The European Union and Greece are down to the wire once more. The bailout measures for Greece are set to expire on June 30, and that is also the day that Greece must repay €1.54 billion to the International Monetary Fund. Leaders around Europe seem to be reconciling themselves to some sort of "Grexit," an abandonment of Greece to the drachma.

A Grexit may make financial sense for Greece, though the short-term economic shock will be extraordinary. But it will also inflict a major blow to the great European project of the post-communism era, which rests on the principles of ever-greater integration and cooperation. It didn't have to be this way.

You may recall that Greece has been here before, in 2013, when it received bailouts and financed its debt. Back then, it was feared that a Grexit could spread financial contagion across the continent, detonating fragile financial institutions in Portugal and Ireland and even threatening Spain, Italy, and France.

Now Europe is not nearly as afraid of a Grexit, and the political pressure on Chancellor Angela Merkel in Germany to remain tough with Greek "clowns" is on a collision course with the political pressure on Alexis Tspiras, the left-wing leader of Greece, to make good on his promises to end austerity.

In the past few years Greece has enacted through legislative policy the experience of a major currency devaluation without an actual currency devaluation: years of 20 percent unemployment, a drastic reduction in the standard of living (including an over 25 percent reduction in food consumption), dramatic cuts in pensions and public spending — all with increased taxation. Understandably, Greece is fed up. But Germany's view of the situation is that Greece's public institutions are flabby and corrupt, making them the welfare queens of Europe. And the economic turnaround in Ireland encourages Western European leaders to think that cracking the whip on Greece is for its own good.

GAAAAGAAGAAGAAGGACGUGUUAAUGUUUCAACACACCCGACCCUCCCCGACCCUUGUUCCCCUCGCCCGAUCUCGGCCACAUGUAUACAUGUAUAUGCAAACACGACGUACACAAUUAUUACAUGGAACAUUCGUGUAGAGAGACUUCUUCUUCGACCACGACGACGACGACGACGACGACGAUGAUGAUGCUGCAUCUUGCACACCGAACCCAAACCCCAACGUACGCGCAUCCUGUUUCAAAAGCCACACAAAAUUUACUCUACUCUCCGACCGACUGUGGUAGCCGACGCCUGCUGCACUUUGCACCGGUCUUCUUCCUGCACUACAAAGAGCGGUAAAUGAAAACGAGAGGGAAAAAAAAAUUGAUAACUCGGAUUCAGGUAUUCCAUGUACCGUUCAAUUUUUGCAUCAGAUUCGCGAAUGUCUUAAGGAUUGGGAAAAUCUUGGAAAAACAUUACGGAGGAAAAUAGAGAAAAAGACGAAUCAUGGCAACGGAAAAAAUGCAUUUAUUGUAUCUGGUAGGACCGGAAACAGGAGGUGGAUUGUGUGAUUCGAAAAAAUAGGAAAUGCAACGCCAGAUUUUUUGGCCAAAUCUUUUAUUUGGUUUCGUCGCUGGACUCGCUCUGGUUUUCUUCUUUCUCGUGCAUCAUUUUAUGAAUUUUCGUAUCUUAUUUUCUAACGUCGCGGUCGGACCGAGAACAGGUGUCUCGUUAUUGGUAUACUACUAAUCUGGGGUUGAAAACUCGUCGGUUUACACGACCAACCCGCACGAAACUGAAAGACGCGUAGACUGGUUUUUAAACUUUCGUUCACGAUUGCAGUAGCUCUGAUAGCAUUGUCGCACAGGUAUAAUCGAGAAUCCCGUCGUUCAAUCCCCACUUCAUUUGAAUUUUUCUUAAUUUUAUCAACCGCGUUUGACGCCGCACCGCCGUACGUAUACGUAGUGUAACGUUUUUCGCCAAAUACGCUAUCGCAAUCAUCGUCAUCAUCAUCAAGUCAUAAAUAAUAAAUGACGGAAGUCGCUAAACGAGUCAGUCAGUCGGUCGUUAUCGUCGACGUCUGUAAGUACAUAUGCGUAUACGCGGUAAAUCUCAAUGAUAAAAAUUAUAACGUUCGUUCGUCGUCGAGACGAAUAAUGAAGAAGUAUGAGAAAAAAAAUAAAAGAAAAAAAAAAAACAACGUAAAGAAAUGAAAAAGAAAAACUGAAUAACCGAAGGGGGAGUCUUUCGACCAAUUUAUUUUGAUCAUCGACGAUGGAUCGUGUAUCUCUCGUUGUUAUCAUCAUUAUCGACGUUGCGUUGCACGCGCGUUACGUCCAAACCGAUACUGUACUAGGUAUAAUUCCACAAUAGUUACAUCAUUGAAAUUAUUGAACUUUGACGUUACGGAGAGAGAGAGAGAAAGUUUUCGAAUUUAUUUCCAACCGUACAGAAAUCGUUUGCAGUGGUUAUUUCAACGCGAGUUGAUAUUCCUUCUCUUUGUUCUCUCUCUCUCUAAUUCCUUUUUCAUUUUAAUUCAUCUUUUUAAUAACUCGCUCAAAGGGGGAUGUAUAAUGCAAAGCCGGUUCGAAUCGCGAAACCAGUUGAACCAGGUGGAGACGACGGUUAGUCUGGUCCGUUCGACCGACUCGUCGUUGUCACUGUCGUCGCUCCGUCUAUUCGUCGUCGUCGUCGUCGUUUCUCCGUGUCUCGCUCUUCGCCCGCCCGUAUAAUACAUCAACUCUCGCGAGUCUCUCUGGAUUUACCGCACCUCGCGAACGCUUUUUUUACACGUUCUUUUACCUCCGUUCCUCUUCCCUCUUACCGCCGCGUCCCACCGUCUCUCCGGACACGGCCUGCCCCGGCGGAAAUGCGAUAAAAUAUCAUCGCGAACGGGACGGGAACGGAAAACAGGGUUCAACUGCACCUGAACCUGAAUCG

If the European project is fundamentally a political endeavor, the use of a currency union and a continental central bank has reduced "European" politics to a drab endeavor of neoliberalism. Consequently, once the economic growth slowed or stalled, pro-European parties on the left and right both found themselves extremely vulnerable. Center left-parties like Labour in the U.K. or the Socialists in France found themselves entirely disconnected, culturally, from the working classes. On the right, parties like France's Union for a Popular Movement had ceded the language of patriotism to the euroskeptics. In other words, the European project has been very good at creating solidarity among a cross-national economic elite, but the centrist political parties have abandoned the solidarity that creates lasting right-wing or left-wing coalitions.

Paradoxically, the EU makes the nationalism of smaller states seem possible — look at Scotland or Catalonia. But its unresponsive, undemocratic institutions enflame anti-EU nationalisms from Sweden to Greece. There was the surge of the Danish People's Party in elections last week. Even France now faces a choice between parties discredited by the last decade and the National Front of Marine Le Pen. Britain's euroskeptic UKIP may have won only one seat in Parliament, but it captured far more votes than the Scottish National Party and the Liberal Democrats. A Grexit will only strengthen the arguments of the euroskeptic parties.

Even if the European Union can survive the economic reverberations of a Grexit, it is still a major setback for the European project, which was predicated not just on the promise of making European war unthinkable, but on raising living standards across the continent. In the past decade, the EU has gone from the confidence of demanding repeated national referendums on its expansions of power, and dreaming of incorporating even Turkey into its pact, to throwing out Greece after pushing that nation into financial calamity.

In the United States, cities and states that are net tax contributors aren't hotly resentful of those counties and states that are net revenue receivers. But the EU's financial crisis and the Grexit are an object lesson that the same is not true in Europe. German taxpayers are willing to suffer very little, even if it means that nations on the periphery must suffer tremendously. If Greece leaves, the European project will never have the same momentum or confidence again.